Downers Grove

District 58 plans to continue with hybrid model through second trimester

DOWNERS GROVE – About one week after Downers Grove Grade School District 58 resumed on-site instruction, the plan is to continue classes with hybrid and fully remote learning options through the end of the second trimester, district officials said at Monday’s school board meeting.

As such, no changes to the plan are anticipated through March 5.

Superintendent Kevin Russell said he believes the district’s metrics will remain steady with the resumption of on-site instruction under the hybrid learning model.

Russell said he’s not indicating that there’s a “risk-free environment,” but the district is doing well keeping students and staff safe.

Officials would like families to inform the district no later than Jan. 19. of any change in learning model preference for the second trimester.

The district last month decided to pause the implementation of its hybrid learning model through Jan. 5 to address staffing and logistical issues. Since then, several procedural changes have been identified.

Russell said the amount of time asymptomatic students need to quarantine if they come in close contact to a COVID-19 case was lowered by public health officials from 14 days to 6 if the requirements are met.

Temperature checks will no longer be conducted in the schools. The district will continue to require families to self-certify their students.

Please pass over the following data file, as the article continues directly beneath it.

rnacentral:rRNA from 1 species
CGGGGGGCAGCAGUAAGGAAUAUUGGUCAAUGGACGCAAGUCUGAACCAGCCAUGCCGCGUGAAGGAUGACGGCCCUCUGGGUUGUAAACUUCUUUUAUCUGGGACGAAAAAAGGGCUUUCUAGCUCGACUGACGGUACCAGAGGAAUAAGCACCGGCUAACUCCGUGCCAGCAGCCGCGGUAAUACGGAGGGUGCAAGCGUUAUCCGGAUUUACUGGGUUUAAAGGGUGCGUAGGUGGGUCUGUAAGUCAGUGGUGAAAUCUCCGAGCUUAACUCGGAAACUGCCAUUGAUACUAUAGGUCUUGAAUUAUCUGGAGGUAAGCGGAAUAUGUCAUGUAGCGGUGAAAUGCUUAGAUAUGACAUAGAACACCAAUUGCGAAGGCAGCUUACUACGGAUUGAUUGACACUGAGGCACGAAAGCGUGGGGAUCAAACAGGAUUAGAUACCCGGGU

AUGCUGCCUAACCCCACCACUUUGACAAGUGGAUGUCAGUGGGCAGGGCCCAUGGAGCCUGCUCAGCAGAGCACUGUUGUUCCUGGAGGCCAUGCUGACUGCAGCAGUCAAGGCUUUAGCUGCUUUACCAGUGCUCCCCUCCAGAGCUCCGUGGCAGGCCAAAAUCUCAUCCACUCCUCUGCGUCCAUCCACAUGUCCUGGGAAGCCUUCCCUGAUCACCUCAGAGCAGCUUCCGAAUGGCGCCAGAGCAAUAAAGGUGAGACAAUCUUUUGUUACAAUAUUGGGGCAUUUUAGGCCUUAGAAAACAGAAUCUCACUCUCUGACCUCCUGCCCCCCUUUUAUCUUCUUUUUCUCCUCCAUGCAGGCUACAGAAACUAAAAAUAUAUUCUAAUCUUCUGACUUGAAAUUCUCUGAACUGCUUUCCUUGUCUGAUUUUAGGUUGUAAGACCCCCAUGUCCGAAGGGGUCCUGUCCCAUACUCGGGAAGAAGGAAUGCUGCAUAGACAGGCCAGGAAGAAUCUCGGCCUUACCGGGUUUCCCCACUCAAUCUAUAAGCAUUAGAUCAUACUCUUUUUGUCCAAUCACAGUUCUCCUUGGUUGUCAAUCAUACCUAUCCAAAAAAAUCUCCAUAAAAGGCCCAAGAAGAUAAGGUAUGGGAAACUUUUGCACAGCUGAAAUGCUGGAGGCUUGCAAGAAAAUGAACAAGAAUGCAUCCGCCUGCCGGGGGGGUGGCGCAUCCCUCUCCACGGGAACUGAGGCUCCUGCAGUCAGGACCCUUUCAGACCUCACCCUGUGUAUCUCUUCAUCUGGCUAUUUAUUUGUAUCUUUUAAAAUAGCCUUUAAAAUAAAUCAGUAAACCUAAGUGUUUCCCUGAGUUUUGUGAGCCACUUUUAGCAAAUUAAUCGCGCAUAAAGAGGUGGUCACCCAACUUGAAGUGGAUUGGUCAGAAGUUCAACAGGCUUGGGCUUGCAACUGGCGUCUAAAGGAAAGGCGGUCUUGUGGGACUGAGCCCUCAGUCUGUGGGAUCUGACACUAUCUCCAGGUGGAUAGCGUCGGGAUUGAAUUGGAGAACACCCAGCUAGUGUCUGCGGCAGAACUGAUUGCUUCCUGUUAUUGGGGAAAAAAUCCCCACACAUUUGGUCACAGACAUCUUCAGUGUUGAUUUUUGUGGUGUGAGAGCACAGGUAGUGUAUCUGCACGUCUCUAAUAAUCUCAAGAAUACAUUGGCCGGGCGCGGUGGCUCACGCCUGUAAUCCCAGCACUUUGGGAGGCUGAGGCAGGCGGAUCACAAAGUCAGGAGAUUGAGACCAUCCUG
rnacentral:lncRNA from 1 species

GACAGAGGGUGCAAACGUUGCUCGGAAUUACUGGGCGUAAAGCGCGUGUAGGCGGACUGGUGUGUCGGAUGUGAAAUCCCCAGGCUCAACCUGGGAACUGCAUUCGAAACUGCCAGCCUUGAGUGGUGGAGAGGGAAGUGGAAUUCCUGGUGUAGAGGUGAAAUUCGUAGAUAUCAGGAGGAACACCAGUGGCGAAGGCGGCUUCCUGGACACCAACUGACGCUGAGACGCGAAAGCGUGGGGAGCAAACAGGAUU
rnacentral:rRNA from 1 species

“All of that still has to take place at home,” Russell said.

He added that temperature checks have not proven to be effective and is taking away from instructional time.

“It really is an unreliable measurement,” he said. “The research is clear it doesn’t work.”

Justin Sisul, District 58′s assistant superintendent for curriculum and instruction, said officials are trying to remain proactive.

“We do need to continue to be prepared,” Sisul said.

The district has surveyed families about the process taken to navigate the COVID-19 pandemic and is reviewing what steps to take.

Officials have identified several areas the district intends to study for potential growth. They include building a break into the student and teacher day, increasing synchronous instruction and implementing temporary remote learning scenarios.

Sisul said that if the district decides it needs to implement changes to its learning model, it’s best to start them when the third trimester starts.

“It’s a really nice, clean place to make a change if we’re going to make a change at the beginning of third trimester,” Sisul said.

The district will review its plan again at the school board’s Feb. 22 meeting. At that point, officials will also review a report presented by the instructional planning committees highlighting opportunities for growth, strategies and timelines for implementation.